The mistaken shift from a free trade zone came in 1993 with the Treaty of Maastricht, which allowed for social and economic regulation from the Brussels bureaucracy to "harmonize" the laws of the various nations. The Euro then became the single currency for 19 members in 2002. This established centralized control in Brussels, and the Brits were right in the Brexit vote to assert their independence from this.

The problem now, as Epstein observes, is whether Britain and the EU can see that it is in the mutual interests of both to restore a European free trade zone without centralized planning from Brussels. Such a free trade zone should allow free movement of people, goods, services, and capital across national borders. This does not allow the citizens of one nation to become citizens or permanent residents of other nations in the free trade zone. So each nation is free to set its own immigration laws.

Kent Guida said...

Mr Bond,
Thanks for the Epstein pointer. His distinction between free trade and political centralization is the crux of the matter. It will be fascinating to watch -- can those for whom centralization is the benefit, the American-style progressives, give it up and be content with free trade? I doubt it. For some, free trade was merely the means to centralization. They may fight a rear-guard action that drags on for many years. Or the lesser possibility -- the EU collapses suddenly in the next few years and just dries up and blows away like the Soviet Union.

Larry Arnhart said...

"For some, free trade was merely the means to centralization." Yes, that's my fear--that the EU will refuse to admit Britain into the free trade zone without Britain submitting to EU centralization. That would be bad both for Britain and the EU--and for the rest of the world doing business with Europe.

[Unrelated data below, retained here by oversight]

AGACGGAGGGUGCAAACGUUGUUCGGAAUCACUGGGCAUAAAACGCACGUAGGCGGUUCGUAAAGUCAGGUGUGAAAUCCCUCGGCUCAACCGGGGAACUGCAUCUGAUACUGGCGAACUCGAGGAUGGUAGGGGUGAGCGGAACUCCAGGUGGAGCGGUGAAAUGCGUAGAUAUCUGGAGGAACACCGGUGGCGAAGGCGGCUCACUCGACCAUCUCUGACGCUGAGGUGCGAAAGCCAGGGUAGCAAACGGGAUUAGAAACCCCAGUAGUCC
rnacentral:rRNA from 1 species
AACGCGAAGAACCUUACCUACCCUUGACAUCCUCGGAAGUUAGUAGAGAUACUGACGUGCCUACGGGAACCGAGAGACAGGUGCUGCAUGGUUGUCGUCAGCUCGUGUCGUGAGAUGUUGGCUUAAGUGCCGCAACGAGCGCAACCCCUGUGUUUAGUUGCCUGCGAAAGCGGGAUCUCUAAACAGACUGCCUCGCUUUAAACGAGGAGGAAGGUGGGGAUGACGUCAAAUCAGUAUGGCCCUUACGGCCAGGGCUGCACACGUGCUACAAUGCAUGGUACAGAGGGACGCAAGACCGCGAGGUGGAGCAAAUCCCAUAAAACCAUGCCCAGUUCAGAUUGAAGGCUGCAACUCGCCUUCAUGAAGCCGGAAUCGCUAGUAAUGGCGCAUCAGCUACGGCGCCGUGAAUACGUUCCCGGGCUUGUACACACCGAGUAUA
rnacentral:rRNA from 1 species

Larry Arnhart said...

So what will the Brits say in their negotiations with the EU? We want the parts of the EU that we like (the free trade zone) but not the parts that we don't like (the centralized regulation from Brussels)? Why will the EU agree to this? If the EU agreed to this, wouldn't this mean that the Brits would have an economic advantage over the EU countries--because Britain would have all the advantages of free trade but without the disadvantages of centralized regulation? Is it reasonable to expect that the EU countries will agree to this? And if not, does that mean that Brexit will deprive Britain of free trade in Europe?

Kent Guida said...

It will be fascinating to watch the dance unfold. I doubt anyone has a sound basis for prediction at this point. That upsets some people who fear uncertainty.

Roger Sweeny said...

Larry, I thought of your post just now while reading a recent (very interesting) article by Jonathan Haidt. He closes,

"The great question for Western nations after 2016 may be this: How do we reap the gains of global cooperation in trade, culture, education, human rights, and environmental protection while respecting—rather than diluting or crushing—the world’s many local, national, and other “parochial” identities, each with its own traditions and moral order? In what kind of world can globalists and nationalists live together in peace?"

It occurs to me that this is related to a tension in Darwinian Conservatism, between what is often called the traditional and the libertarian. The traditionalist likes Burke's "little platoons" and doesn't want too much change, especially change that seems to be imposed from without. The libertarian wants maximal freedom and is willing to accept, even celebrate, whatever the consequences are. There is a similar tension--the less charitable would say contradiction--in Thomas Sowell's brilliant A Conflict of Visions.

Such tension wasn't very important in the conservatism symbolized by Ronald Reagan but it sure seems important now.